Marquise Casati by Man Ray via Tate Modern
The exhibition “Duchamp, Man Ray, Picabia”, featuring the three artists often cited as responsible for launching Dadaism through their exhibitions in New York, is on view at the Tate Modern until May 26.
Marcel Duchamp, Francis Picabia and Man Ray at the Tate Modern [Times Online]
Duchamp, Man Ray, Picabia at Tate Modern [24 hour Museum]
Duchamp, Man Ray, Picabia’s show at the Tate Modern [AFP]
Tate Modern [Tate Modern]
Together, the three artists provide a varied glimpse into the ideas behind what the Tate characterizes as “The moment art changed forever.” The artists worked along similar, revolutionary trajectories: Duchamp is credited for inventing the concept of the ‘readymade’, presenting everyday objects as an artwork; Man Ray pioneered avant-garde photographic and film techniques; and Picabia used kitsch and popular imagery to define his paintings.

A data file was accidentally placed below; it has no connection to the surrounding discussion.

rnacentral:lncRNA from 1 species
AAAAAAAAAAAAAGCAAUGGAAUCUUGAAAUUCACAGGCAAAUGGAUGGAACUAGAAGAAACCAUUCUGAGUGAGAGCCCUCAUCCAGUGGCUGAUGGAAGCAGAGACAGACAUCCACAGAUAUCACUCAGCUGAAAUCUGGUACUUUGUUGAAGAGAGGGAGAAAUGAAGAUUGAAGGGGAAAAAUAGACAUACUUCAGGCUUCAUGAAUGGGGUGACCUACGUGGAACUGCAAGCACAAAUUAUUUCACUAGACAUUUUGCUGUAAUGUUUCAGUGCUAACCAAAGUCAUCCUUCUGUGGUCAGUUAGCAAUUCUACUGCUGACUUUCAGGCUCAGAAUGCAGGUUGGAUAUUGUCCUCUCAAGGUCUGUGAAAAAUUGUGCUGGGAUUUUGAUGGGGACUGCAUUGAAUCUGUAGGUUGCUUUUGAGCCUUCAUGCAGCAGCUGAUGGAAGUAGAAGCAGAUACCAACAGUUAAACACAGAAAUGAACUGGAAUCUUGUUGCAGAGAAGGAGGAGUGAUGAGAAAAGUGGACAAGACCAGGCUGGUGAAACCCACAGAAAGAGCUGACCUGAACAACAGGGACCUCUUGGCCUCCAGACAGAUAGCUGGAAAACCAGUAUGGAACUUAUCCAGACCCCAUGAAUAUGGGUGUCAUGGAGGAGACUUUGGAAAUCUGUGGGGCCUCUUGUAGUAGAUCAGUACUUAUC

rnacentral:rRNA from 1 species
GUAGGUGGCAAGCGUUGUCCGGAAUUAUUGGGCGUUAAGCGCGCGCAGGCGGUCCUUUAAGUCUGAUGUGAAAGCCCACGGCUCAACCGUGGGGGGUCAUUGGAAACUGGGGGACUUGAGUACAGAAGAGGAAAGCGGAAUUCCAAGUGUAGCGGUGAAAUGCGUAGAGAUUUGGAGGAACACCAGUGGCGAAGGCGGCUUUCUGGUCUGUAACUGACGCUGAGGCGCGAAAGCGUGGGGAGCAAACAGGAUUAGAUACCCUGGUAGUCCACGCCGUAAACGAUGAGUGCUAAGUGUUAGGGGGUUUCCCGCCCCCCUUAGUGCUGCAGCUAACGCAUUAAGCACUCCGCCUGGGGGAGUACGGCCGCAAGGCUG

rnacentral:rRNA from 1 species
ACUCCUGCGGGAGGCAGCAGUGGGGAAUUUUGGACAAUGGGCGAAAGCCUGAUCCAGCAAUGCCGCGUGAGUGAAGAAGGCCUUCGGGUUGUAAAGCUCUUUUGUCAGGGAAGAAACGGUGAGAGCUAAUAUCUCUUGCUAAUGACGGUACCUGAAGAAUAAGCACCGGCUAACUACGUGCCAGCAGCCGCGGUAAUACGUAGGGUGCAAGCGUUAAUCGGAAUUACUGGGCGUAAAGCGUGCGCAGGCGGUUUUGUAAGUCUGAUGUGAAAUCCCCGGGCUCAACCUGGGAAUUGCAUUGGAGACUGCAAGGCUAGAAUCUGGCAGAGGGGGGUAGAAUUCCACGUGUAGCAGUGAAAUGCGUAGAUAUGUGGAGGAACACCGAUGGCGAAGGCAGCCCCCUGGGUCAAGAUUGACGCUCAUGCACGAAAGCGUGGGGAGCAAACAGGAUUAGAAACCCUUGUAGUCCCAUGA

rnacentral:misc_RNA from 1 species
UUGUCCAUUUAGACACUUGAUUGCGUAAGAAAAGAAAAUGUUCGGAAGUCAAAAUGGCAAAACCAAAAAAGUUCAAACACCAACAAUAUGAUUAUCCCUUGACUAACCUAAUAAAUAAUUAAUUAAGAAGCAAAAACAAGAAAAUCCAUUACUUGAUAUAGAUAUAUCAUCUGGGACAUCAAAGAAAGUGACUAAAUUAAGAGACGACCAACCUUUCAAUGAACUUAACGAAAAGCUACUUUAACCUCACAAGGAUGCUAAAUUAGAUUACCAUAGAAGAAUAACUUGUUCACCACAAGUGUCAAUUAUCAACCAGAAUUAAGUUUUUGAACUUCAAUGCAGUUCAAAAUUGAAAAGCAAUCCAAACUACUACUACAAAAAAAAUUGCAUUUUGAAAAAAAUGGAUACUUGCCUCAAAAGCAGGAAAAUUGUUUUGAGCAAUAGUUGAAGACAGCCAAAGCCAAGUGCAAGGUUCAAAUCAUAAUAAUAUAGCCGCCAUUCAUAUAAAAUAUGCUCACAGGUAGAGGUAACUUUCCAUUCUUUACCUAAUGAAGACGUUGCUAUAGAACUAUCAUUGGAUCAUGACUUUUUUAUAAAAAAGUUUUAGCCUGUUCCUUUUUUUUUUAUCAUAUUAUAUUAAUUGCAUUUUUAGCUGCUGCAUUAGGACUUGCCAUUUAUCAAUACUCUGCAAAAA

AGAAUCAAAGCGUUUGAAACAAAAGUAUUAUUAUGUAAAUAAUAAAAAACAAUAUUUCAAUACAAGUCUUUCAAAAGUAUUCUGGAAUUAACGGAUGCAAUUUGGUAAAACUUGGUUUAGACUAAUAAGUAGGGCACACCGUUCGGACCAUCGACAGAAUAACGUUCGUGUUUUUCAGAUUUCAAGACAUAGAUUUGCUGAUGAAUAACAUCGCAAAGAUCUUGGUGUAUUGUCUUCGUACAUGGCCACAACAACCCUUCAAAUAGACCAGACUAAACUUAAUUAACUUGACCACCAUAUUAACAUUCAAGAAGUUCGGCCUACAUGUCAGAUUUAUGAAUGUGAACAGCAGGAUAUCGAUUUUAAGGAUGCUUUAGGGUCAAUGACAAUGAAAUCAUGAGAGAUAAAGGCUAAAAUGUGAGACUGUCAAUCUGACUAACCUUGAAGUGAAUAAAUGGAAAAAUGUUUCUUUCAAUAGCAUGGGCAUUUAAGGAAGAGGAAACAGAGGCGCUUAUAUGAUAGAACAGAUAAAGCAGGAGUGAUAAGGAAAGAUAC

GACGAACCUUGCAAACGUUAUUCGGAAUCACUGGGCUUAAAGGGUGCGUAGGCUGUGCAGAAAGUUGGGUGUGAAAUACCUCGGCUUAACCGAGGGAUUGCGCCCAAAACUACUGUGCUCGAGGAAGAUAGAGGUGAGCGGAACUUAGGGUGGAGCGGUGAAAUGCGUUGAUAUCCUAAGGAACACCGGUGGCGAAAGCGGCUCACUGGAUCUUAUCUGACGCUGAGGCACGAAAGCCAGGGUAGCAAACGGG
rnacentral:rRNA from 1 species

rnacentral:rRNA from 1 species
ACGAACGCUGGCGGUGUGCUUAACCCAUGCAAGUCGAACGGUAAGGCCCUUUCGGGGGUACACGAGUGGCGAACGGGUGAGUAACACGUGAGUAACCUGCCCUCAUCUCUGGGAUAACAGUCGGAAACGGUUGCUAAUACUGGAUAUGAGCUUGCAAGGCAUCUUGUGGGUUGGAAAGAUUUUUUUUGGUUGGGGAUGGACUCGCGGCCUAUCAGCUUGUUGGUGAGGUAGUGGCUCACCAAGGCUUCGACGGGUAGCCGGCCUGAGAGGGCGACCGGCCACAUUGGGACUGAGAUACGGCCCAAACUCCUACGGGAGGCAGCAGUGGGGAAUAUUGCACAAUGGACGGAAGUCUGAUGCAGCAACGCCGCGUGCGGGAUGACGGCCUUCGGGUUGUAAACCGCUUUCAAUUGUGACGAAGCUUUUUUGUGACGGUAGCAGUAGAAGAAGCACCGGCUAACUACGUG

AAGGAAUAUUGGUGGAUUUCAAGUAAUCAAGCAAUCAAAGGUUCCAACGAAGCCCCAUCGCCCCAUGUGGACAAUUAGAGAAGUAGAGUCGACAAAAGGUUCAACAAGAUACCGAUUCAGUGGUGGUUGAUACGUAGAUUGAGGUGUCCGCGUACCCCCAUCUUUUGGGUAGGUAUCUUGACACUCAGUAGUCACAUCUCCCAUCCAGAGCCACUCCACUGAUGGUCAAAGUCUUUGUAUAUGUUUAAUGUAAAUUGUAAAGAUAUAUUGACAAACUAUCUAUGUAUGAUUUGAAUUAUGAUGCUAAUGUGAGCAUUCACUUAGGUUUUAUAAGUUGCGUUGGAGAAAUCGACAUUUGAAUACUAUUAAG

Works on show include Duchamp’s “The Bride Stripped Bare By Her Bachelors, Even” as well as a series of Man Ray’s images created by placing objects directly on or close to light-sensitive paper are also on display. Perhaps the most striking works by Picabia are the series of brash, fleshy oils copied from sources such as cigarette cards.